So let's kick off with all these gay men. When moody Adam Macy came back from his goat rearing activities somewhere in Africa he, much to his mother's utter delight, announced he was gay. This allowed him to form an almost immediate deep and loving relationship with the Happy Eater, chef Ian Craig, who chuckles his way through every eventuality and must be the least highly strung head chef in the universe.

But this month Adam has found another gay man in the earnest form of immigrant farm labourer, Polish Pavel, who yearns for a truly green farming agenda and a much closer relationship with moody Adam after a one night fling in an unspecified, but we trust indoor, venue.

And while all this was going on, Harry, without question one of the dullest creations since the mind numbing days of Ashok the Asian artist, went on holiday with Ambridge's most eligible young female only to find love with a former and previously entirely unmentioned boyfriend. Quite why he did not hang around a bit longer, save the petrol money for the car trip to Edinburgh, and find love in the mature but thoughtful arms of Polish Pavel can only be conjectured. But thankfully we appear to have seen the last of Harry so should not complain.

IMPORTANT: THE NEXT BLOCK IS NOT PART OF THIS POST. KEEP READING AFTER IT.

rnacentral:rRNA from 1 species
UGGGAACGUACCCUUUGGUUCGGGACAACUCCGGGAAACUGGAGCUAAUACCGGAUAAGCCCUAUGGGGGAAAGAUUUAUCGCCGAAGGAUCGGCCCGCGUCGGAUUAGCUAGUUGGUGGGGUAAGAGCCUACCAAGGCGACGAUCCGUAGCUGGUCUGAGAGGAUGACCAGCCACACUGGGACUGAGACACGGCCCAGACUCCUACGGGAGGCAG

And while gay love was blossoming the extremely vulgar Vicky was doing her bit for those of a heterosexual persuasion discovering that husband, Mike Tucker, and she are about to have a baby despite Mike being only a very short tractor ride from his old age pension. No sensible book maker, or indeed listener, would have bet against there being a problem with the unborn child and within days of the announcement another one was made- the baby had Downs Syndrome. Listeners are preparing for the usual Archers 'Big Issue' spectacular, namely debates and interviews with female cast members on Woman's Hour, flurries of letters to Feedback, spooky sounding trailers and, of course, the obligatory BBC Helpline for those who have been affected by the storyline.

Some would say this is sheer cynicism by The Archers producers and editor to chime in with the courage of Para-Olympians. Although they will most certainly say, in that superior way they so often have, that they are merely tackling the tough moral issues of the day in a most realistic way. However as editor on vacation, Vanessa Whitburn, has said in the past that she would not employ an actor who had to play a wheelchair bound character unless they really were in a wheelchair, it will be most interesting to see if she is preparing to employ an actor with Downs Syndrome should the Tuckers go ahead with the birth.